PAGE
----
It the SAME METHODOLOGY!!!

In your example: 105 is the next nodes CFs. You discount them back and then add the coupon.

In the embedded option example: 99.738+4.25 if the value of the next nodes CF. So is 100+4.25. The 100 just comes from the fact that in the next node the option was assumed to be exercised. You discount these back to the current node and then take the average.

With bonds without embedded options there is no need to adjust for put/call rules - you just discount the next nodes CF’s take the average then add the coupon.

For bonds with embedded options you MUST ADJUST for put/call rules thus the PV of the next nodes CF is adjusted for a call rule Max(Call Price, PV of Next Node’s CF) or a put rule Max(Put Price, PV of Next Node’s CF). Then take the average and add the coupon.

We have gotten really bogged down on this topic. Follow the above steps and you will never be lost. I swear.

“This is true for _ any _ bond. Fixed-rate, floating-rate, callable, putable, prepayable, whatever. _ Any bond _. Period.” - BINGO! ANY BOND!!! ANY BOND!!!

LOL! I have started this query 2-3 months ago… Maybe the guy who wrote this part of curriculum should ask himself is he able to explain what he meant to wider auditory. We are not all skilled mathematicians as well as we are all not accountants.

Hi there, could you explain how if you add the coupon it will undervalue the put option and overvalue the call option?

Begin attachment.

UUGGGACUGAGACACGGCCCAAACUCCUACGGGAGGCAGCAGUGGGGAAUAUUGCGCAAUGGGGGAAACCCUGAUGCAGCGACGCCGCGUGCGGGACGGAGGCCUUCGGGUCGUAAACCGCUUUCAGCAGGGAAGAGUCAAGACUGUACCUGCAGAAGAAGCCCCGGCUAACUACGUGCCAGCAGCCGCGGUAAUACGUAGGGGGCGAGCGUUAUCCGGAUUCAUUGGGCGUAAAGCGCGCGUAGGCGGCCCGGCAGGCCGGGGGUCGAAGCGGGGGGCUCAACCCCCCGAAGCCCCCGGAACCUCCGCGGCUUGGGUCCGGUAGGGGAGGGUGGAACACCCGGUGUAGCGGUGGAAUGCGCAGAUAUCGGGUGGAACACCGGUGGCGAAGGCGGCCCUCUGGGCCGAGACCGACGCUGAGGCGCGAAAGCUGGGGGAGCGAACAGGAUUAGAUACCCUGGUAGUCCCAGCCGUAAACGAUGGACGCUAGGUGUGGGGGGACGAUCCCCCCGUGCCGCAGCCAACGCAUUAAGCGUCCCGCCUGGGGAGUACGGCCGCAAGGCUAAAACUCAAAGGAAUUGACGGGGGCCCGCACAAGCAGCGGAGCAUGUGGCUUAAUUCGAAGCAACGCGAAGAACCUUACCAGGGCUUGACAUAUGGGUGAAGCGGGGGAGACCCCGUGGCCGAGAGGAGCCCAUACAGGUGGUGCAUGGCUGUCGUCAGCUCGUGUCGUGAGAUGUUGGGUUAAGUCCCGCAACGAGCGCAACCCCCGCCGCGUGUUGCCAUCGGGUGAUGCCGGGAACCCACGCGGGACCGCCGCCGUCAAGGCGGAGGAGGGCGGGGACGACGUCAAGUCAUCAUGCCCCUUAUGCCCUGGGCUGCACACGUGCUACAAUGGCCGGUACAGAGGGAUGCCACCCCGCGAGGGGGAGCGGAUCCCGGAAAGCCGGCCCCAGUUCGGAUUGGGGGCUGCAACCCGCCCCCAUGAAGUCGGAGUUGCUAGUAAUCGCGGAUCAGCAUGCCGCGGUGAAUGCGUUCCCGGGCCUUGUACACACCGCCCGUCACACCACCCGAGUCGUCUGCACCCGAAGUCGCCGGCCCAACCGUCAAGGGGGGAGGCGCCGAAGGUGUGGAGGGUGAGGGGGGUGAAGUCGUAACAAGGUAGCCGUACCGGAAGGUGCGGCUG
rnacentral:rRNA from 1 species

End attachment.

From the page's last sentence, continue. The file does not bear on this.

Thanks,

First: are you really a Level I candidate? (That’s what it says under your username.)

Second, I don’t understand your question. Can you give an example of what you’re thinking?

Thanks Magician. I’m L2 candidate.

My question is twofold.

1) Why does the curriculum use two different formula to price the bond at each node in the binomial tree? This is the same question I have as the OP but this thread still doesn’t quite clear this up for me.

One formula discounts both the bond value and the coupon in the next node to arrive at the prior node, BUT does not add the value of the coupon in the current node to get the bond price. This is the formula that’s used in pricing bonds with embedded options.

The other formula discounts both the bond value and the coupon in the next node to arrive at the prior node, AND also add the value of the coupon in the current node to get the bond price. This formula is used in pricing option-free bonds.

The text does not explicitly state when to use which formula. So my question is which formula should be applied to which scenario?

2) From the third comment in this thread (copied below) I seem to be getting an answer that would help me clear this confusion but I’m not 100% sure. How does adding the coupon from the current node overvalue the call option and undervalue the put option?

"Actually, what i observed is that, when you are dealing with a straight bond, you add the coupon to the discounted cash flow to arrive at the value at the current node.

However, for a bond with option, you ignore the coupon in computing the value at each node, because if you add the coupon, it will undervalue the put option and overvalue the call option.

SO just follow those rules, and you will be fine."

Is the reason for not adding the coupon in the current node to the bond value for a bond with embedded option because adding the coupon will inflate the bond’s price and, therefore, make the call option more attractive (from the issuer perspective) thereby overvaluing the call option? The opposite goes for a bond with embedded put.